And earlier than that, conditions were even shakier. Remember that Vienna had no permanent regular orchestra in Beethoven's day. If Beethoven wanted to put on a concert, he had to scramble around town and assemble his musicians, guys who typically spent their evenings sawing through potpourris in theater pits or slugging it out in the opera for a pittance. That infamous freezing-cold December night when Beethoven premiered the Fifth (together with the Sixth and a number of other works) was undoubtedly an evening of distinctly sub-par music-making. The best performers were all involved in a lavish concert across town celebrating Haydn's birthday with The Creation, so Beethoven was having to make do with the second-string folks.
Conditions were generally deplorable for working musicians throughout most of music history. The occasional star who lived high on the hog was the very rare exception. We look at Corelli and think just how good a musician's life could be under courtly patronage. But for every Corelli, leading light of the toniest musical cappella in Rome, there were hundreds of Roman musicians sweating it out, barely scraping by, playing endlessly and no doubt dropping dead young from any number of diseases, including malnutrition.
When I was growing up we referred to the "Big Five" orchestras, a term that delivered a slap in the face to all the fine orchestras all around the country, orchestras so good that they left the visiting Mstislav Rostropovich (long before his defection to the West) in a near state of shock over American musical quality and abundance. There were a lot more than five big orchestras in America. What gave the Five their Bigness were recording contracts. Boston Symphony, New York Philharmonic, Philadelphia Orchestra, Chicago Symphony, Cleveland Orchestra: the orchestras under contract to RCA Red Seal and Columbia Masterworks. Those two record labels decided who made most of the recordings, and what they recorded. Despite the wailing and moaning one hears from certain commentarial quarters, the demise of the major labels is development to be celebrated, not mourned. It was like the forced breakup of Ma Bell—ultimately a very, very good thing.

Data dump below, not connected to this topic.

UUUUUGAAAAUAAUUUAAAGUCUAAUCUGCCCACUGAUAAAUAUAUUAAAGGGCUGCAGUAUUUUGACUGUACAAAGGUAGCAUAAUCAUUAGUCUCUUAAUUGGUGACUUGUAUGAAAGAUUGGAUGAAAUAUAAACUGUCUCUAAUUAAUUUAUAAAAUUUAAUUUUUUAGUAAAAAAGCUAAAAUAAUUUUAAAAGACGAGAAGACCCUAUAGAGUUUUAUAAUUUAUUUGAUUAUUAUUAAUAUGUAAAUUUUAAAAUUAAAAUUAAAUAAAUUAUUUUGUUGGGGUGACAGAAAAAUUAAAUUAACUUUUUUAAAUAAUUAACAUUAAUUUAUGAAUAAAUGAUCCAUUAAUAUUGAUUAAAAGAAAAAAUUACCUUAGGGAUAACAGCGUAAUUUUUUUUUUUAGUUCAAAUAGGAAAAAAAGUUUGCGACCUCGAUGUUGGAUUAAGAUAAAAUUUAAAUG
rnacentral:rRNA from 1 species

Think about it: just about every American orchestra of any size at all is putting out recordings regularly, and that includes orchestras that you never would have dreamed would record. The Denver Symphony of my teen years, now reborn as the Colorado Philharmonic, puts out regular discs on Naxos, as do the Seattle and Nashville symphonies. Baltimore, Kansas City, Dallas, Cincinnati, Buffalo—all fine orchestras but typically left unheard by the big record labels. Both the San Francisco Symphony and the Los Angeles Philharmonic have long since shed any lingering vestiges of "regional" orchestras and have not only securely joined the ranks of the world's great orchestras, but they have knocked several of those old-time "big five" off their perches.